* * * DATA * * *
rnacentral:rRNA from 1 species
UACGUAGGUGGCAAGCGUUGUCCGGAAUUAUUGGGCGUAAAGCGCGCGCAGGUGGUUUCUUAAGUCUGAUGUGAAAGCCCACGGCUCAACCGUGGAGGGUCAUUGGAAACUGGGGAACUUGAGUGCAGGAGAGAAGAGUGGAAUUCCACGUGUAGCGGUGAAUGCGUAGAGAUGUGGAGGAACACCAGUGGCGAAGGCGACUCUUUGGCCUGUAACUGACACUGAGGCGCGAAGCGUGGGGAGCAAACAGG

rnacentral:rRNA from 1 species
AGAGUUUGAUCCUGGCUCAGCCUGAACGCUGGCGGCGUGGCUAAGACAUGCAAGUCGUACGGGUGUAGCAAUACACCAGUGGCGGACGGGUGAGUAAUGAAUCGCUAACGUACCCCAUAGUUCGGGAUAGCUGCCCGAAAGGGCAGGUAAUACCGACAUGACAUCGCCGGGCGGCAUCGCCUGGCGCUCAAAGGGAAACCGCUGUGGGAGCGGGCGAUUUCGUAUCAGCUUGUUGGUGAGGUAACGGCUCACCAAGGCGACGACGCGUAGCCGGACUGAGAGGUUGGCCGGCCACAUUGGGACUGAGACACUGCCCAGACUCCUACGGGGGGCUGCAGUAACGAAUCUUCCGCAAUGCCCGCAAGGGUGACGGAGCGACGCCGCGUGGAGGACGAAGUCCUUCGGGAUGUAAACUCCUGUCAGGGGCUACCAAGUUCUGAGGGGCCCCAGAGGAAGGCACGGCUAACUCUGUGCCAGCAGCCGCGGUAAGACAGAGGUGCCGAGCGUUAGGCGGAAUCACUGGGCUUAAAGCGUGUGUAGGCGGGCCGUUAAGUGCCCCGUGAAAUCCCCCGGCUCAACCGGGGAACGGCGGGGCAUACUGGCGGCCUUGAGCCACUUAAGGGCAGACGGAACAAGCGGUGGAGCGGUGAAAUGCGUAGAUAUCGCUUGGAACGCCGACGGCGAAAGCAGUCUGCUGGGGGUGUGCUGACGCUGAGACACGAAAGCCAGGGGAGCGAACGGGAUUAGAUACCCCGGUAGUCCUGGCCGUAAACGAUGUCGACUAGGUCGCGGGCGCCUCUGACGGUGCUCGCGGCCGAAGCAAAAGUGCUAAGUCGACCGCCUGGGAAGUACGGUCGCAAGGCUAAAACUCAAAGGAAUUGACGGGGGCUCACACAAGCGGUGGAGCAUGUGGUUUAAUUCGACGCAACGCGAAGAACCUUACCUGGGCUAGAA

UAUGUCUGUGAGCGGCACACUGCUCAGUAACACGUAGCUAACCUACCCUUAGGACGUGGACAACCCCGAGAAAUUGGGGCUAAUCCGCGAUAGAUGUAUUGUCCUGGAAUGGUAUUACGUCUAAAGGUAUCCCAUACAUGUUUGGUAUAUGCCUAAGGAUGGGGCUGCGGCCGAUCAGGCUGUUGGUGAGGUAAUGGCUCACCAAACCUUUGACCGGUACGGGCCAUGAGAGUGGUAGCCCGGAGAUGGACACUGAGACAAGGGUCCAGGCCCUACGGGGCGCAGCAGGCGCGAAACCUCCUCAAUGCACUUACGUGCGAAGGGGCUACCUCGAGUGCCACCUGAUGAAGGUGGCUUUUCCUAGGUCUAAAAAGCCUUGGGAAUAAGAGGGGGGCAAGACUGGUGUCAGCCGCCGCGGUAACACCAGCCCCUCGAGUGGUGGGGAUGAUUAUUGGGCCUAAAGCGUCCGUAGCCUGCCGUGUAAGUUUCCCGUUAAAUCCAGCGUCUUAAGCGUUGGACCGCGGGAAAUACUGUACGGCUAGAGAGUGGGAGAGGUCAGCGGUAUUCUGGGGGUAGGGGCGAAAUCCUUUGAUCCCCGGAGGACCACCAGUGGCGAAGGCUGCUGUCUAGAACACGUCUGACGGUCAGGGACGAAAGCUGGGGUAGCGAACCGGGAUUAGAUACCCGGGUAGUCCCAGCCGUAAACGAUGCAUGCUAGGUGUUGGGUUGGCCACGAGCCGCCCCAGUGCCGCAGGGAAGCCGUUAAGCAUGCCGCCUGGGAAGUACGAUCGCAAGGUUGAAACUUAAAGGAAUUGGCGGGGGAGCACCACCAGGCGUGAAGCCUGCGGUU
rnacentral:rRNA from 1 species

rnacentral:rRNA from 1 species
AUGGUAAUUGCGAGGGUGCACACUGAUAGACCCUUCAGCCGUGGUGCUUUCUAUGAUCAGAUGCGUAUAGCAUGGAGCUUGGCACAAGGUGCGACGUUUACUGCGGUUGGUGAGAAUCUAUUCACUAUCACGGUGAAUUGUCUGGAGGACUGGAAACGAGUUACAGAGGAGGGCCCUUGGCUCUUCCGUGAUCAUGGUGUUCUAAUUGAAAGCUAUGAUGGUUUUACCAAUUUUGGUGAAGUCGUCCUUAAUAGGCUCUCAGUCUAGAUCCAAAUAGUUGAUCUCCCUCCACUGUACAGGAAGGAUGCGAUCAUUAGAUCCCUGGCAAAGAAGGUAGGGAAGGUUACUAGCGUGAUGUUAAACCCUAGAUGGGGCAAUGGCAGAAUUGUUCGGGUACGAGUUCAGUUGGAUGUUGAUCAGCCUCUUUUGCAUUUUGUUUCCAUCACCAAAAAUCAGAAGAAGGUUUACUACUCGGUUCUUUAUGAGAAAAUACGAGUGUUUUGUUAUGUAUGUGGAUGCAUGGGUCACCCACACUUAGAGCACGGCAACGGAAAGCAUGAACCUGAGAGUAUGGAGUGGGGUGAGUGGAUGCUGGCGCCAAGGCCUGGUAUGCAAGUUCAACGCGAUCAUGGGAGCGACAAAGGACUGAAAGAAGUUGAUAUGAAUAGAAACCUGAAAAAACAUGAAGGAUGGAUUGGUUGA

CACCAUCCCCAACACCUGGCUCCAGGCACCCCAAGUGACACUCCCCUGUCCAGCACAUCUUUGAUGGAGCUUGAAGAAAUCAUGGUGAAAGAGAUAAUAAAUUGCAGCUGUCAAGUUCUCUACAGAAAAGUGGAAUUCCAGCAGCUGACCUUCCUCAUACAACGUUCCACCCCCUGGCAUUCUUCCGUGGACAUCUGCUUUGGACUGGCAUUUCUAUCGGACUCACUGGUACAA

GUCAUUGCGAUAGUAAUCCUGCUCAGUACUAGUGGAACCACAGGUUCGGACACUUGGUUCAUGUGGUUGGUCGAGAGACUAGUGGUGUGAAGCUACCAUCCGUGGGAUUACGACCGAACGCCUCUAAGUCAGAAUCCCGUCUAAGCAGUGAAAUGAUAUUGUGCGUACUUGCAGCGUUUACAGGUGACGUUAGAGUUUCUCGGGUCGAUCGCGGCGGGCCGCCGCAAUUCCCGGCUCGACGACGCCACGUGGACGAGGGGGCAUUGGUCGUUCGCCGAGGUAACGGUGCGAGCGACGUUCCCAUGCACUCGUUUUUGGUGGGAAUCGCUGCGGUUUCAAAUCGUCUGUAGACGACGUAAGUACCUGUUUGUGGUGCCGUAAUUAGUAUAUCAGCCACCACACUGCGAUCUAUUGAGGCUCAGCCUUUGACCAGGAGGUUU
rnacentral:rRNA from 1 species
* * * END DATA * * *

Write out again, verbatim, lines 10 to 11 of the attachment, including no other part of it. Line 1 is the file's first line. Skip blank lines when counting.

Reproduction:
GUCAUUGCGAUAGUAAUCCUGCUCAGUACUAGUGGAACCACAGGUUCGGACACUUGGUUCAUGUGGUUGGUCGAGAGACUAGUGGUGUGAAGCUACCAUCCGUGGGAUUACGACCGAACGCCUCUAAGUCAGAAUCCCGUCUAAGCAGUGAAAUGAUAUUGUGCGUACUUGCAGCGUUUACAGGUGACGUUAGAGUUUCUCGGGUCGAUCGCGGCGGGCCGCCGCAAUUCCCGGCUCGACGACGCCACGUGGACGAGGGGGCAUUGGUCGUUCGCCGAGGUAACGGUGCGAGCGACGUUCCCAUGCACUCGUUUUUGGUGGGAAUCGCUGCGGUUUCAAAUCGUCUGUAGACGACGUAAGUACCUGUUUGUGGUGCCGUAAUUAGUAUAUCAGCCACCACACUGCGAUCUAUUGAGGCUCAGCCUUUGACCAGGAGGUUU
rnacentral:rRNA from 1 species